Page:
5-FU is a relatively safe drug approved for the management of carcinoma colon with side effects ranging from nausea, vomiting, and diarrhea. CNS toxicity is uncommon and is limited to very few case reports.[1],[2],[3] CNS toxicity occurs in the form of sudden onset of slurred speech, confusion, cognitive disturbances, and paranoia. These symptoms usually develop within 7 days from the beginning of the chemotherapy cycle as seen in our patient (on Day 3) and resolve on discontinuation of the drug.

Imaging plays a significant role in depicting the lesions, their location, and extent. CT may be normal or inconclusive but MRI owing to its better resolution demonstrates lesions well. DWIs and ADC maps can show these lesions due to edema within intramyelenic cleft, which is a potential extracellular space and is reversible when toxicity is withdrawn. Deep white matter and corpus callosum are the reported sites of involvement.[2],[3] However, the aforementioned patient also had involvement of the middle cerebral peduncle.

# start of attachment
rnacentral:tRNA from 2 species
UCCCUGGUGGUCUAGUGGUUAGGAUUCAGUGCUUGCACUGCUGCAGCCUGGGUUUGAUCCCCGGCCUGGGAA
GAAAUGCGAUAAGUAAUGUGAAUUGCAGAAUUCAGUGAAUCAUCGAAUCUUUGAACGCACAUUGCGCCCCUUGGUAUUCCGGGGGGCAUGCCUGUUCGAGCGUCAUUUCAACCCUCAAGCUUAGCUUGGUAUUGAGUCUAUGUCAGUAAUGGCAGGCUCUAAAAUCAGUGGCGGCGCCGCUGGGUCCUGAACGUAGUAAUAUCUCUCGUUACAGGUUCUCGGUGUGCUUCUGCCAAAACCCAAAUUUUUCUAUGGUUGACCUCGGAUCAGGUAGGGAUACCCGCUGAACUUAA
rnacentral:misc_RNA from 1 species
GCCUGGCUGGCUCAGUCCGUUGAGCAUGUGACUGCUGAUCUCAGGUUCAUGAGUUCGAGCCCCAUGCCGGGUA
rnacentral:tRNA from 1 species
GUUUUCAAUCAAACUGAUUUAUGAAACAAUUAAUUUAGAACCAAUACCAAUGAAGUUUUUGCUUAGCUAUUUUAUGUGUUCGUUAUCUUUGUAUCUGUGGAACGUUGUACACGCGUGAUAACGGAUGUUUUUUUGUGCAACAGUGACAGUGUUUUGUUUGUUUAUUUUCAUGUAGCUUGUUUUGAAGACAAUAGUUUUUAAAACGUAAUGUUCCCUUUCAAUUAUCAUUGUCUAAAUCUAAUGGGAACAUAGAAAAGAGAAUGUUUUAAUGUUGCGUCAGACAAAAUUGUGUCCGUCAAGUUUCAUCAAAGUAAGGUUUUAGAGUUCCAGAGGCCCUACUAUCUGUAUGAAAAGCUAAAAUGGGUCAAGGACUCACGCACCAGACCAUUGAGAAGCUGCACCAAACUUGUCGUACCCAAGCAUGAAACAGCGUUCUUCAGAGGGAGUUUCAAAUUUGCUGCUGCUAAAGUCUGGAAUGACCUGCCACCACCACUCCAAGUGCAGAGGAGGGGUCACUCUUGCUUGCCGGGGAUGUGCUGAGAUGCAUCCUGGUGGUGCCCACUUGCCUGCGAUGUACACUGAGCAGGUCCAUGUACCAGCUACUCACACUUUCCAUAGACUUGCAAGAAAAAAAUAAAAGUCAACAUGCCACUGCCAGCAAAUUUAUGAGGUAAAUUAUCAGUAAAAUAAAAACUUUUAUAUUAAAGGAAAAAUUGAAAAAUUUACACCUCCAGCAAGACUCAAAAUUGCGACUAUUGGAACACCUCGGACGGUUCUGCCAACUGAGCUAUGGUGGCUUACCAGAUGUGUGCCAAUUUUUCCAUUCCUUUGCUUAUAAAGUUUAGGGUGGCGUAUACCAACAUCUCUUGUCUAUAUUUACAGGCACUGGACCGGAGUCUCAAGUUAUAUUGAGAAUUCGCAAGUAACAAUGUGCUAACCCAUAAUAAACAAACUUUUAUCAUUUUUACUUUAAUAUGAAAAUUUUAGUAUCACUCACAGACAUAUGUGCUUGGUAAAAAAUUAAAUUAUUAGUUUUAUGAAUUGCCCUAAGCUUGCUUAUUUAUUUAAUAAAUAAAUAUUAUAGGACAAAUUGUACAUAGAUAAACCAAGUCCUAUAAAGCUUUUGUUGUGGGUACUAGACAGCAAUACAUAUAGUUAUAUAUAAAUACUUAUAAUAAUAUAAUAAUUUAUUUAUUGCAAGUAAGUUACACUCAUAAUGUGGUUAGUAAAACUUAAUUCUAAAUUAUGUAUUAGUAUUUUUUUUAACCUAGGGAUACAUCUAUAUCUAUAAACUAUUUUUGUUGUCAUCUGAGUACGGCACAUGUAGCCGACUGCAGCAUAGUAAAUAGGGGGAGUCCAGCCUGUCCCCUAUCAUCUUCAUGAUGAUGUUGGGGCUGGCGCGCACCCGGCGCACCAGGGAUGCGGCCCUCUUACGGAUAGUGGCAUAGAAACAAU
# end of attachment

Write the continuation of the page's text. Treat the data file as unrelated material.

The reversible lesion in the splenium of the corpus callosum and middle cerebral peduncle has a vast differential diagnosis and has been reported in a variety of neurologic and non-neurologic conditions. Such uncommon case emphasizes the importance of clinico-radiological correlation to rule out differentials like infection, demyelination, epilepsy, vascular (hypertensive encephalopathy, PRES, Preeclampsia), metabolic (hypoglycaemia, hypo/hypernatremia), axonal injury, and drugs.[4]